Mutations: MAPT G272V, MAPT P301S
Modification: MAPT: Transgenic
Disease Relevance: Frontotemporal Dementia, Alzheimer's Disease
Strain Name: N/A
Genetic Background: C57BL6/CBA; backcrossed to C57BL6
Availability: Available through Luc Buée
THY-Tau22 mice are a model for tau aggregation, a pathological hallmark of Alzheimer's disease as well as numerous tauopathies. With age these mice develop a variety of tau-related neuropathological changes, including tau hyperphosphorylation, neurofibrillary-like tau inclusions, and ghost tangles. Tau pathology is generally mild at three to four months of age, moderate at six to seven months, and extensive at nine months and beyond.
In these mice levels of human tau increase with age. At three months heterozygous mice have four to five-fold higher levels of human tau than endogenous tau in the cortex. At twelve months, levels are approximately five to six-fold higher. Levels are slightly lower in the hippocampus. Only trace levels are detected in the spinal cord (Schindowski et al., 2006).
Behaviorally, these mice display learning and memory diffculties, including deficits in spatial, social, and contextual learning that cannot be attributed to a neuromotor impairment. The mice do not exhibit changes in overall motor activity and do not have gross motor deficits (Schindowski et al., 2006). Non-spatial memory was affected as early as six months, whereas spatial is impaired later, after nine months (Van der Jeugd et al., 2013). Impaired appetitive responding has also been observed (Lo et al., 2013).
The neuropathology and behavioral changes coincide with changes in hippocampal synaptic plasticity. Although LTP appears to be intact, deficits in basal synaptic transmission in the hippocampus have been observed (Schindowski et al., 2006). At nine to ten months heterozygous mice exhibit altered paired pulse facilitation (PPF), a form of presynaptic short-term plasticity. They also have impaired maintenance of long-term depression compared with wild-type littermates (Van der Jeugd et al., 2011).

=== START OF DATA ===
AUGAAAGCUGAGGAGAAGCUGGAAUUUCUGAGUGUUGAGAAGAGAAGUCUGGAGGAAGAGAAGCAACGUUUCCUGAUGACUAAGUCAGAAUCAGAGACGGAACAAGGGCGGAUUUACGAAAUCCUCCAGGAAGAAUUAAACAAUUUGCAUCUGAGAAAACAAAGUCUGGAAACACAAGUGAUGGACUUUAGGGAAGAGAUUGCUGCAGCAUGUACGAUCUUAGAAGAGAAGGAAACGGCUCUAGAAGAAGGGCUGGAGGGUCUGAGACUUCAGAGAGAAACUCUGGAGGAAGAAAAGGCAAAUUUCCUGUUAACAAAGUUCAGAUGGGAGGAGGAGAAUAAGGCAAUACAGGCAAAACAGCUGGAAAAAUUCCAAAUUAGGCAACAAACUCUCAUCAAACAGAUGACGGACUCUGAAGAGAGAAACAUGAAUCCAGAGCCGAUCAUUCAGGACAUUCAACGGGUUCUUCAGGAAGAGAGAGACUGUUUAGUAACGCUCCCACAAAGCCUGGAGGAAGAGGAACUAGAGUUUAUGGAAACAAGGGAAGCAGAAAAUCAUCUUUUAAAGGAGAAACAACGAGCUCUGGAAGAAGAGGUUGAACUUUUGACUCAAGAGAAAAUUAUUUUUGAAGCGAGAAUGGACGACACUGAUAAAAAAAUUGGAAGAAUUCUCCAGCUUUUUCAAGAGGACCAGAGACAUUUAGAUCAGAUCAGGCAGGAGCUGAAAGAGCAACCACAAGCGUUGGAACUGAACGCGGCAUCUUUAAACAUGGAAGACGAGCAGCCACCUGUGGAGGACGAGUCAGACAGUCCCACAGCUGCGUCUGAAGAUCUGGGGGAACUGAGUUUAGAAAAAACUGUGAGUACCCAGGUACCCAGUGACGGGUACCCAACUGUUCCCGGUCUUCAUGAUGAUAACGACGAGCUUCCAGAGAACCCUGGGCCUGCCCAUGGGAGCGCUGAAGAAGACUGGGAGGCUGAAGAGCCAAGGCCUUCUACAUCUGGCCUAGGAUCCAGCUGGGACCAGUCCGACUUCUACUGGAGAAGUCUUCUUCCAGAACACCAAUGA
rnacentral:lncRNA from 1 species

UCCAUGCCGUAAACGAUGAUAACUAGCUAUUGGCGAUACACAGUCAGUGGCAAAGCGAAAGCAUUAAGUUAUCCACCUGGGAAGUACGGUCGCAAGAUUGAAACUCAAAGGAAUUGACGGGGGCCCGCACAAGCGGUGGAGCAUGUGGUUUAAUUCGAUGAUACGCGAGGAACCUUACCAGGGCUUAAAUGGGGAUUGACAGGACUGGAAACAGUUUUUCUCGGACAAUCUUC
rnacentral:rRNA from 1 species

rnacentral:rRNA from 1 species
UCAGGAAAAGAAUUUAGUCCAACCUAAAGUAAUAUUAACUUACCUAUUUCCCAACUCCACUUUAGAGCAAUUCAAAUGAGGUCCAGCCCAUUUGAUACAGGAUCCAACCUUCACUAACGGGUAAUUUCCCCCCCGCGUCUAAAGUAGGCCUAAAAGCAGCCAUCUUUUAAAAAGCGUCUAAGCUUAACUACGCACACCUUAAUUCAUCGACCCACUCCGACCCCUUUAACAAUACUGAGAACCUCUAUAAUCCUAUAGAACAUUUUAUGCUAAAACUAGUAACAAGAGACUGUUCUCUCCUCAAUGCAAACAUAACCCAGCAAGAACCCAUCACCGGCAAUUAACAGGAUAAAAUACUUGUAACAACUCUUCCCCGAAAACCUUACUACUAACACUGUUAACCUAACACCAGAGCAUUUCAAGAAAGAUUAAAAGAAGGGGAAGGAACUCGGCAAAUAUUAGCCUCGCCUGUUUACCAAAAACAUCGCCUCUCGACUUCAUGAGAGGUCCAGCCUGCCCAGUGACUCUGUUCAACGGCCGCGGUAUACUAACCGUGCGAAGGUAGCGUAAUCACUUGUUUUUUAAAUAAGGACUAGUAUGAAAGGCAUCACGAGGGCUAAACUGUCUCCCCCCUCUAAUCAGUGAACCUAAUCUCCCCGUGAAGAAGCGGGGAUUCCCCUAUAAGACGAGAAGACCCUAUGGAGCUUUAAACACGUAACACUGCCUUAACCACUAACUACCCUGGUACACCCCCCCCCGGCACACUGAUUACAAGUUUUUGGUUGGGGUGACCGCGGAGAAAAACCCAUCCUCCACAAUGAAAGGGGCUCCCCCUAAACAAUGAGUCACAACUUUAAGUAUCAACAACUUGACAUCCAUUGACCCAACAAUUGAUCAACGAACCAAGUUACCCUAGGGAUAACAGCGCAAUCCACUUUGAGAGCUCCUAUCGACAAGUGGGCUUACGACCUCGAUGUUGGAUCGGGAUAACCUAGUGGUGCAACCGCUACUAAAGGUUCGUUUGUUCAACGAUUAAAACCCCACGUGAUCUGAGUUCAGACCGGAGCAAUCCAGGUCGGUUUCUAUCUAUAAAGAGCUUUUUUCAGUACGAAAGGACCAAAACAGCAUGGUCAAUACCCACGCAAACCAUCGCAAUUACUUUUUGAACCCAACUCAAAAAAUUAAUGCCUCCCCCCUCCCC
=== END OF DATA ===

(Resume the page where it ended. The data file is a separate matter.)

Transgene containing the cDNA of the 412 amino acid isoform of human 4-repeat tau mutated at sites G272V and P301S under a Thy1.2 promotor.
Available through Luc Buée.
When visualized, these models will distributed over a 18 month timeline demarcated at the following intervals: 1mo, 3mo, 6mo, 9mo, 12mo, 15mo, 18mo+.
Loss of cells in the CA1 region of the hippocampus from 12 months as measured by DAPI staining and Nissl/cresyl-violet (Schindowski et al., 2006). Also, a significant reduction in the number of choline acetyltransferase (ChAT)-immunopositive cholinergic neurons in the medial septum has been reported (Belarbi et al., 2011).
Heterozygous animals develop tau pathology starting at 3-6 months. Pathology becomes more severe and widespread with age. Neurofibrillary tangle-like inclusions occur (Gallyas and MC1+) along with rare ghost tangles and paired helical filament-like structures (Schindowski et al., 2006).
Age-dependent increase in the number of GFAP+ astrocytes in the hippocampus (hilus, CA1, CA3), cerebral cortex, corpus callosum (Schindowski et al., 2006).
Changes in LTP/LTD
Altered paired pulse facilitation (PPF), a form of presynaptic short-term plasticity in 9-10 month old heterozygous animals: PPF increased at 10 ms. Also at this age, impaired maintenance of long term depression as compared with wild-type littermates (Van der Jeugd et al., 2011). Deficit in basal synaptic transmission in the hippocampus, but normal LTP (Schindowski et al., 2006).
Non-spatial memory affected as early as 6 months; spatial memory impaired only after 9 months (Van der Jeugd et al., 2013). Impaired appetitive responding (Lo et al., 2013).
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